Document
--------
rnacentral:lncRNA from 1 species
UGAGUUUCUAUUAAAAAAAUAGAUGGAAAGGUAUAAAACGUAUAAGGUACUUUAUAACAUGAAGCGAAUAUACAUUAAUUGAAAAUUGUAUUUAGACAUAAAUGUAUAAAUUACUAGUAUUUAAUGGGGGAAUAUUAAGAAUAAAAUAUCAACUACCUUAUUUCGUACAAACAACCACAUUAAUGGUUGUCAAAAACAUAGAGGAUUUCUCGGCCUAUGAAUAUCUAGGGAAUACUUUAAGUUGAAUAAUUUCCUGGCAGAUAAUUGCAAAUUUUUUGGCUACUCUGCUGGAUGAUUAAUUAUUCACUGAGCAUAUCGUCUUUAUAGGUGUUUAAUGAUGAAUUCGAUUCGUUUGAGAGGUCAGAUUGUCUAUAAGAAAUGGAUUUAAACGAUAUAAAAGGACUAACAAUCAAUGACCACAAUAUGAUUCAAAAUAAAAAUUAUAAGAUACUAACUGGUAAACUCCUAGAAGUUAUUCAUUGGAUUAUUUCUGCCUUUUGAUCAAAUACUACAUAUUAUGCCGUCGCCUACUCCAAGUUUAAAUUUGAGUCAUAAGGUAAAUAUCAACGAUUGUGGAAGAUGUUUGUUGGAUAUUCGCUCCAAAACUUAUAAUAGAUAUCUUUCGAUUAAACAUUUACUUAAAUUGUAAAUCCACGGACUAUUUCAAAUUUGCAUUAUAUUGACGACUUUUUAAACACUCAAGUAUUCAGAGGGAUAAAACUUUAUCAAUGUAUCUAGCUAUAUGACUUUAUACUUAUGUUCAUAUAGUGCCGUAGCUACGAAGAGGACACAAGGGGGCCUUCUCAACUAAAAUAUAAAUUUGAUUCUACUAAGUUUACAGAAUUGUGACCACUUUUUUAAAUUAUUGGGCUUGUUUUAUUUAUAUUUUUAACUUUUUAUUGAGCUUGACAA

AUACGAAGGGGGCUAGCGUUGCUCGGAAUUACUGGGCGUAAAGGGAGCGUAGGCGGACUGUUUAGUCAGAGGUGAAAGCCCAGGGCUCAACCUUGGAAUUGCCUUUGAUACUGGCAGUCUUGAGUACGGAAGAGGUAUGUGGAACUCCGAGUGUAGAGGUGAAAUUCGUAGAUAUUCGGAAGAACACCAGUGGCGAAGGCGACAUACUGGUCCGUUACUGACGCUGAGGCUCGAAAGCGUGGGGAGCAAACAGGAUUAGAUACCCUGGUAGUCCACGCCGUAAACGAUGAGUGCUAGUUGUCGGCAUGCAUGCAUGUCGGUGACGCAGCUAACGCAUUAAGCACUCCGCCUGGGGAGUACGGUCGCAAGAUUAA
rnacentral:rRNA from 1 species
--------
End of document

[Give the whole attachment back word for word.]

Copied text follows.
rnacentral:lncRNA from 1 species
UGAGUUUCUAUUAAAAAAAUAGAUGGAAAGGUAUAAAACGUAUAAGGUACUUUAUAACAUGAAGCGAAUAUACAUUAAUUGAAAAUUGUAUUUAGACAUAAAUGUAUAAAUUACUAGUAUUUAAUGGGGGAAUAUUAAGAAUAAAAUAUCAACUACCUUAUUUCGUACAAACAACCACAUUAAUGGUUGUCAAAAACAUAGAGGAUUUCUCGGCCUAUGAAUAUCUAGGGAAUACUUUAAGUUGAAUAAUUUCCUGGCAGAUAAUUGCAAAUUUUUUGGCUACUCUGCUGGAUGAUUAAUUAUUCACUGAGCAUAUCGUCUUUAUAGGUGUUUAAUGAUGAAUUCGAUUCGUUUGAGAGGUCAGAUUGUCUAUAAGAAAUGGAUUUAAACGAUAUAAAAGGACUAACAAUCAAUGACCACAAUAUGAUUCAAAAUAAAAAUUAUAAGAUACUAACUGGUAAACUCCUAGAAGUUAUUCAUUGGAUUAUUUCUGCCUUUUGAUCAAAUACUACAUAUUAUGCCGUCGCCUACUCCAAGUUUAAAUUUGAGUCAUAAGGUAAAUAUCAACGAUUGUGGAAGAUGUUUGUUGGAUAUUCGCUCCAAAACUUAUAAUAGAUAUCUUUCGAUUAAACAUUUACUUAAAUUGUAAAUCCACGGACUAUUUCAAAUUUGCAUUAUAUUGACGACUUUUUAAACACUCAAGUAUUCAGAGGGAUAAAACUUUAUCAAUGUAUCUAGCUAUAUGACUUUAUACUUAUGUUCAUAUAGUGCCGUAGCUACGAAGAGGACACAAGGGGGCCUUCUCAACUAAAAUAUAAAUUUGAUUCUACUAAGUUUACAGAAUUGUGACCACUUUUUUAAAUUAUUGGGCUUGUUUUAUUUAUAUUUUUAACUUUUUAUUGAGCUUGACAA

AUACGAAGGGGGCUAGCGUUGCUCGGAAUUACUGGGCGUAAAGGGAGCGUAGGCGGACUGUUUAGUCAGAGGUGAAAGCCCAGGGCUCAACCUUGGAAUUGCCUUUGAUACUGGCAGUCUUGAGUACGGAAGAGGUAUGUGGAACUCCGAGUGUAGAGGUGAAAUUCGUAGAUAUUCGGAAGAACACCAGUGGCGAAGGCGACAUACUGGUCCGUUACUGACGCUGAGGCUCGAAAGCGUGGGGAGCAAACAGGAUUAGAUACCCUGGUAGUCCACGCCGUAAACGAUGAGUGCUAGUUGUCGGCAUGCAUGCAUGUCGGUGACGCAGCUAACGCAUUAAGCACUCCGCCUGGGGAGUACGGUCGCAAGAUUAA
rnacentral:rRNA from 1 species